Slight Increase in Intussusception Rate After Newer Rotavirus Vaccines

May 17, 2013

By Will Boggs, MD

NEW YORK (Reuters Health) May 17 - The risk of intussusception increases slightly in the days after receiving the RotaTeq (RV5) and Rotarix (RV1) rotavirus vaccines, according to a report from the U.S. Centers for Disease Control and Prevention (CDC) published May 13 in Pediatrics.

Still, "the vaccine is generally safe and the benefits of the vaccine far outweigh the small risk," Penina Haber from CDC's National Center for Emerging and Zoonotic Infectious Diseases, Atlanta, Georgia told Reuters Health in an email.

An earlier rotavirus vaccine, RotaShield, was withdrawn from the U.S. market because of its association with intussusception, but the two new live, oral rotavirus vaccines were not associated with an increased risk of intussusception in two large clinical trials. Their use has, however, been associated with an annual decline of around 40,000 gastroenteritis hospitalizations in 2008 and 2009 in U.S. children, which was associated with an estimated $140 million savings in treatment costs.

In the face of recent post-licensing reports from Australia and Mexico demonstrating a transient increase in the risk of intussusception in the first week after the first dose of RV1 or RV5, Haber and colleagues evaluated the possible temporal clustering of intussusception reports using data from the Vaccine Adverse Event Reporting System (VAERS) collected after more than 47 million RV5 doses. They also describe intussusception reports after RV1 vaccination.

VAERS received 584 confirmed intussusception reports after RV5 vaccination between 2006 and 2012, with the onset peaking three to six days after dose 1. Other reported adverse events peaked during days 0 to 1 after dose 1.

There was also a clustering of events on days 2 to 6 after dose 2, but none after dose 3.

Based on the overall number of doses of RV5 so far, these events translate into an excess risk (over the background rate) of intussusception of 0.74 events per 100,000 vaccinated infants after dose 1, 0.21 events per 100,000 after dose 2, and a 0.16 per 100,000 reduced risk after dose 3.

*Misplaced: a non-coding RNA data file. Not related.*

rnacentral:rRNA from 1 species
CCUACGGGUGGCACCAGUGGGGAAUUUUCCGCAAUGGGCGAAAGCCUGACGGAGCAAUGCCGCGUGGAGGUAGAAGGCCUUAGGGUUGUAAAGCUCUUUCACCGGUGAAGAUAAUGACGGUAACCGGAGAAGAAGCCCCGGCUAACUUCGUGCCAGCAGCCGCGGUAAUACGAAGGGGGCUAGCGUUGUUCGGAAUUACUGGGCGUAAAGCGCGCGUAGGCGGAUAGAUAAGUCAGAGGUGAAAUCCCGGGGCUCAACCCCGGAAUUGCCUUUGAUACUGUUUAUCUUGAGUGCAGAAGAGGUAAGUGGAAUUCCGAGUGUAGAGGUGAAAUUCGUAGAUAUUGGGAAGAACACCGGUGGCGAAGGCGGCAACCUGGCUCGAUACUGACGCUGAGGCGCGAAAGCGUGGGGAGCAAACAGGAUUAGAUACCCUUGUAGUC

The overall excess risk of intussusception after all three doses of RV5 is 0.79 events per 100,000 vaccinated infants, or 33 additional events per year in the U.S.

The researchers were unable to quantify the risk after RV1 due to the lower vaccine uptake compared with RV5, but the similarity of clustering of cases during days 3 to 6 or 4 to 7 suggests a potential increased risk for both vaccines.

Haber advises physicians to be aware that there may be a small risk of intussusception after the first dose but to continue to recommend the vaccine as its documented benefits "far outweigh the small risk of intussusception."

"The risk can be minimized by adhering to the recommended vaccination schedule, especially administering the first dose before 15 weeks of age when the risk of intussusception is lower," Haber added.

"For physicians who recall the short history of RotaShield, an earlier rotavirus vaccine removed from the market in 1999 because of its own association with intussusception, these findings provide further evidence that the risks of today's vaccines are vastly smaller than those of that earlier product," Dr. Jason L. Schwartz from Princeton University's Center for Human Values in Princeton, New Jersey, told Reuters Health. "Also, the substantial benefits of current rotavirus vaccines in reducing hospitalizations of children have been demonstrated in their post-licensure use, another important distinction from the experience with RotaShield in the 1990s."

"Frank discussions about the limited, known risks of childhood vaccines -however uncommon they may be--may be understandably difficult for advocates of vaccination working to preserve public support for childhood vaccines in the face of vocal, passionate critiques of vaccine safety from some parents and celebrities," Dr. Schwartz said. "Yet careful research on these areas and dissemination of findings on both the benefits and risks of vaccination is essential for helping physicians, patients, and the general public all better understand why the public health community continues to believe so strongly in vaccination."


Pediatrics 2013.


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